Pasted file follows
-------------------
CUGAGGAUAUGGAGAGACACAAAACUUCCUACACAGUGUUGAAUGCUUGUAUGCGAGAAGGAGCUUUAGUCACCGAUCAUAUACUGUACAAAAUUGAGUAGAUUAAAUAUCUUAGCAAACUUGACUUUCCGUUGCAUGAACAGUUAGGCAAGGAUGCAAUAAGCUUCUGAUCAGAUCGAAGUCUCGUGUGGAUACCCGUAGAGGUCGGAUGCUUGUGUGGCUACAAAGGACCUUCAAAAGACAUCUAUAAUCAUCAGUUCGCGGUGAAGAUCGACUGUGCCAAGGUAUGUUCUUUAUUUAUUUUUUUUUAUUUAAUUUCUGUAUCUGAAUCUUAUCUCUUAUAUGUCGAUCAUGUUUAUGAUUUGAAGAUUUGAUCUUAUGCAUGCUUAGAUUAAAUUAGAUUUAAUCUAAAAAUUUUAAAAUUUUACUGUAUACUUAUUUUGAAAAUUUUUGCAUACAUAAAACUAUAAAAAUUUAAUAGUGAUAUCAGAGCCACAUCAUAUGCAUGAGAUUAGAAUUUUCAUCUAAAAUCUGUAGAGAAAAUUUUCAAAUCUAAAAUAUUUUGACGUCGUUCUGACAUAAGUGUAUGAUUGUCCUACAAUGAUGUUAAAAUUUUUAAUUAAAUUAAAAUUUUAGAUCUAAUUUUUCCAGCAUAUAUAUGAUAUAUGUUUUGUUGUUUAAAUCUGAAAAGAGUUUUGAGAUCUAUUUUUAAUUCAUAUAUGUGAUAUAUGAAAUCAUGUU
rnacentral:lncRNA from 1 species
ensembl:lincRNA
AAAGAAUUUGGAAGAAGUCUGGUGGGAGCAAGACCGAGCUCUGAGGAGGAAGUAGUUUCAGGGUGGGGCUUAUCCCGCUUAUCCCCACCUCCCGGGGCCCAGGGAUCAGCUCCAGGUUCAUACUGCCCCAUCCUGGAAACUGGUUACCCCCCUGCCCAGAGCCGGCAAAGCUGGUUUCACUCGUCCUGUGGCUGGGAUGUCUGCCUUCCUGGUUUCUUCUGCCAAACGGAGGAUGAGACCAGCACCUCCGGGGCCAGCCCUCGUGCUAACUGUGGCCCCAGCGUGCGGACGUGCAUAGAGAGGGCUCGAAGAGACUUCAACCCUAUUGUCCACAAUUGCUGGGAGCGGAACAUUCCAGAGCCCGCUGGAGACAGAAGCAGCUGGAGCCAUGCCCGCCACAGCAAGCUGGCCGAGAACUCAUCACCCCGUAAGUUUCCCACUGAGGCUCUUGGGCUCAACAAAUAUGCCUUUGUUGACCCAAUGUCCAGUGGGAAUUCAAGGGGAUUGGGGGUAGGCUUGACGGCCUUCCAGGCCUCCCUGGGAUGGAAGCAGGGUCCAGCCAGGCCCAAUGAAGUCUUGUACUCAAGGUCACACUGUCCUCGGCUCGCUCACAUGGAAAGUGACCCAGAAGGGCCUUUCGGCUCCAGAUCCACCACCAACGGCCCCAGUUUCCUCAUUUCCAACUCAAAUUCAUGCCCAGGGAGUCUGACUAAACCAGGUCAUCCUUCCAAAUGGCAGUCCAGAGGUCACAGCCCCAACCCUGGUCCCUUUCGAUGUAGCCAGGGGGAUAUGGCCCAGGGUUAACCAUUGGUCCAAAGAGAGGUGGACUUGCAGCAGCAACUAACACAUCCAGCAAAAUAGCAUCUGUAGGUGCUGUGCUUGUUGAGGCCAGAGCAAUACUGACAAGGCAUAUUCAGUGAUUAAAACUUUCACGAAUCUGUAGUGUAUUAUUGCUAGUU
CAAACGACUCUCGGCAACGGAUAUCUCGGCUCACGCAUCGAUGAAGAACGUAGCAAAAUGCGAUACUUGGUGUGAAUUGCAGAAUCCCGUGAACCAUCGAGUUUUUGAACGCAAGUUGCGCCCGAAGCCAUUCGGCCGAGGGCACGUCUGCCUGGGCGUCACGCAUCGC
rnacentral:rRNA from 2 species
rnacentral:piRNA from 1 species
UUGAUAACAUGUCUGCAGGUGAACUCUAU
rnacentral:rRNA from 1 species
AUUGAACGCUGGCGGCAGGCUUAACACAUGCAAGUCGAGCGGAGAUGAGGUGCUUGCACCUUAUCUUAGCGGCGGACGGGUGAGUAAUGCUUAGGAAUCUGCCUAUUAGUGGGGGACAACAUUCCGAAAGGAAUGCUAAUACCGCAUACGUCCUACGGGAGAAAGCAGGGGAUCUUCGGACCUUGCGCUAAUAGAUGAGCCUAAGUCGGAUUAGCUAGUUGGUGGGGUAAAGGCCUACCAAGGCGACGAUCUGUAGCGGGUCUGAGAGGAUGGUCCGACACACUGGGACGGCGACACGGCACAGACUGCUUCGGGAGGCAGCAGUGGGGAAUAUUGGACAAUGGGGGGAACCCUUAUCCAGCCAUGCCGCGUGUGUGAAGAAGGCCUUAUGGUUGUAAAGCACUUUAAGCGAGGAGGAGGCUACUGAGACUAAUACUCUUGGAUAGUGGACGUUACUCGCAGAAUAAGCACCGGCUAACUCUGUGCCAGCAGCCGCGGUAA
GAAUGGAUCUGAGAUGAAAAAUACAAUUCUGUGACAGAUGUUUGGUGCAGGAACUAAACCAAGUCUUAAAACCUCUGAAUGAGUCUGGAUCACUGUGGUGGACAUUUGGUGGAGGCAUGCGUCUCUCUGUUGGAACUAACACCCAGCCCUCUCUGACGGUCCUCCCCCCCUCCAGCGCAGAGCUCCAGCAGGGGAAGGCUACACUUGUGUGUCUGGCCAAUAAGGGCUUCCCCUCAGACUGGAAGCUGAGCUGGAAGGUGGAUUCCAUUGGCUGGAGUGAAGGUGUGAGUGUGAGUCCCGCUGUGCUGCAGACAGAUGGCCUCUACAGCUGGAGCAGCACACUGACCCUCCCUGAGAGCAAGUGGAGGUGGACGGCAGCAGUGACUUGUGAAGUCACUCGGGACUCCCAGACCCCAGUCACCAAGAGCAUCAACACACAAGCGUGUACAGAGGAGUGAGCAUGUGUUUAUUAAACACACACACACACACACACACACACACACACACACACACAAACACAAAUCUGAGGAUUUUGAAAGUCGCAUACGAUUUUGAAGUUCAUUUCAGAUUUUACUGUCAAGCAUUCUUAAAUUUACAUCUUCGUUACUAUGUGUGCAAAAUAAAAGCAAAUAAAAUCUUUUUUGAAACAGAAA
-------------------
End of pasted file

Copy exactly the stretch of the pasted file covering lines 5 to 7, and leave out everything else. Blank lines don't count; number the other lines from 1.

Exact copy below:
CAAACGACUCUCGGCAACGGAUAUCUCGGCUCACGCAUCGAUGAAGAACGUAGCAAAAUGCGAUACUUGGUGUGAAUUGCAGAAUCCCGUGAACCAUCGAGUUUUUGAACGCAAGUUGCGCCCGAAGCCAUUCGGCCGAGGGCACGUCUGCCUGGGCGUCACGCAUCGC
rnacentral:rRNA from 2 species
rnacentral:piRNA from 1 species